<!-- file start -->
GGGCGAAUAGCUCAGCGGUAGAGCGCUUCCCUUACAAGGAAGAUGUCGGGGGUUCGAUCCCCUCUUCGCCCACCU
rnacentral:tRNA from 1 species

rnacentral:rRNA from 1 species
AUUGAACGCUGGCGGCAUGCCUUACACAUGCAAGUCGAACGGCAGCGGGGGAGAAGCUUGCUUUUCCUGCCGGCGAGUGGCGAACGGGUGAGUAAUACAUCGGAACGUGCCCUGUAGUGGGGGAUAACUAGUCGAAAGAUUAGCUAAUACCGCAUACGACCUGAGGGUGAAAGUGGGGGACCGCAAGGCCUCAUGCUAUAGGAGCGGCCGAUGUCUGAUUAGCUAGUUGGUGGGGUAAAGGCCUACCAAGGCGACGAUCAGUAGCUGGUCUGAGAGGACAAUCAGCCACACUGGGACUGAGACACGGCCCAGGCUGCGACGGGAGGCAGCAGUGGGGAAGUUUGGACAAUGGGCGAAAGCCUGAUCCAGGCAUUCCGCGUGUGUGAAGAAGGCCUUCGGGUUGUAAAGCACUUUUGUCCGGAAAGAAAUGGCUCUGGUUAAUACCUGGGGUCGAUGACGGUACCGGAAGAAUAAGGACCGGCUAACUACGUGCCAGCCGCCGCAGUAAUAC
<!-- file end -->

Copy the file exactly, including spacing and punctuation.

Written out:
GGGCGAAUAGCUCAGCGGUAGAGCGCUUCCCUUACAAGGAAGAUGUCGGGGGUUCGAUCCCCUCUUCGCCCACCU
rnacentral:tRNA from 1 species

rnacentral:rRNA from 1 species
AUUGAACGCUGGCGGCAUGCCUUACACAUGCAAGUCGAACGGCAGCGGGGGAGAAGCUUGCUUUUCCUGCCGGCGAGUGGCGAACGGGUGAGUAAUACAUCGGAACGUGCCCUGUAGUGGGGGAUAACUAGUCGAAAGAUUAGCUAAUACCGCAUACGACCUGAGGGUGAAAGUGGGGGACCGCAAGGCCUCAUGCUAUAGGAGCGGCCGAUGUCUGAUUAGCUAGUUGGUGGGGUAAAGGCCUACCAAGGCGACGAUCAGUAGCUGGUCUGAGAGGACAAUCAGCCACACUGGGACUGAGACACGGCCCAGGCUGCGACGGGAGGCAGCAGUGGGGAAGUUUGGACAAUGGGCGAAAGCCUGAUCCAGGCAUUCCGCGUGUGUGAAGAAGGCCUUCGGGUUGUAAAGCACUUUUGUCCGGAAAGAAAUGGCUCUGGUUAAUACCUGGGGUCGAUGACGGUACCGGAAGAAUAAGGACCGGCUAACUACGUGCCAGCCGCCGCAGUAAUAC